Development Is Production

Learn about development server, QA environments, and how developers’ work is dependent on services tools and environments.

Dev server

Quick, think of a “dev server.” What comes to mind? Probably a barely running mess full of old temp files, tarballs named after people, scripts that aren’t in version control and nobody’s quite sure if they’re still used, SSH keys from developers who left years ago.

QA environment

Now think about your QA environment. Does it fully work? Does it really? Or are there a bunch of integrations stubbed out? Maybe there are jobs that run in production that can’t run in QA. Probably the database isn’t very realistic, because the production data has PII that can’t be copied. Do we have high confidence that passing tests in QA means the software will work in production?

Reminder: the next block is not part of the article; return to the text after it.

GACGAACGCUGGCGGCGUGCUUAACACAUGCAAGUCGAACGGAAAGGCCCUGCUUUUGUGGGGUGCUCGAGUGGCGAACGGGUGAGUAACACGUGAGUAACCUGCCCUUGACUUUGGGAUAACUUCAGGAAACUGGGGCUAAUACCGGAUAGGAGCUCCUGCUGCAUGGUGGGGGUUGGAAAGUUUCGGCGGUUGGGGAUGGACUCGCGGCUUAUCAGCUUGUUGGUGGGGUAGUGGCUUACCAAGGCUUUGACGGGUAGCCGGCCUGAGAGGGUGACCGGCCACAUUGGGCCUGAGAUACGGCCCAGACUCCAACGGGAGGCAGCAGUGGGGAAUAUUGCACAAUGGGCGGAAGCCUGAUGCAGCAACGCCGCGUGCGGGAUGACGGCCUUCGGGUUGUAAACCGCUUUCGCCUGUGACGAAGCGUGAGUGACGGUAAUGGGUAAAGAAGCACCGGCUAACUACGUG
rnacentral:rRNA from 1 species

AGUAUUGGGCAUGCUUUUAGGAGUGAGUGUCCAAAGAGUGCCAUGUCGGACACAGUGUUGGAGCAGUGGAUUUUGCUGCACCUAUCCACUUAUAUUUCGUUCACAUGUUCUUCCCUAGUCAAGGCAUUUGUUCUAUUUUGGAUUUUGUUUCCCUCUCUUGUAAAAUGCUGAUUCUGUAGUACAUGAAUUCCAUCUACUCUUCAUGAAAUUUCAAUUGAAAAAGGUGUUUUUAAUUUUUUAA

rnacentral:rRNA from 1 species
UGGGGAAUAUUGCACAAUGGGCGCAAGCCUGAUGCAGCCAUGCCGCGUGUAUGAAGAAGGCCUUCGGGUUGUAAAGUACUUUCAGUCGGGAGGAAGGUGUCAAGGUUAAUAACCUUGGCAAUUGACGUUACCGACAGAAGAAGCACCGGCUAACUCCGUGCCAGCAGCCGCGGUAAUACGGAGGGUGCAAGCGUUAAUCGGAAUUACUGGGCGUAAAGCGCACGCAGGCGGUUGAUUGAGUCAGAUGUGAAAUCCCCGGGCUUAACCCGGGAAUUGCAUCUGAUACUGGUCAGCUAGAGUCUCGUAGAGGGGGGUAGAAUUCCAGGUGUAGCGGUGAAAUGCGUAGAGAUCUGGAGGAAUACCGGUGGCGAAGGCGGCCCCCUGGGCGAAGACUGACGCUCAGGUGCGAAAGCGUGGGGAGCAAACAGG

Perfect image of dev server and QA

Maybe you’re in the minority. If your image of a dev server is a fresh virtual machine with a known configuration, that’s great! Maybe your image of QA is a whole environment stamped out by the same automation tools that deploy to production, with an anonymized sample of production data from within the last week. If so, you’re doing quite well.

Most organizations treat their development environments like a shantytown. Stuff only works there because the developers run their own power by daisy-chaining extension cords from a nearby settlement. QA doesn’t match production in topology or scale, and multiple dev teams are trying to get into QA but can’t because there’s only one environment.

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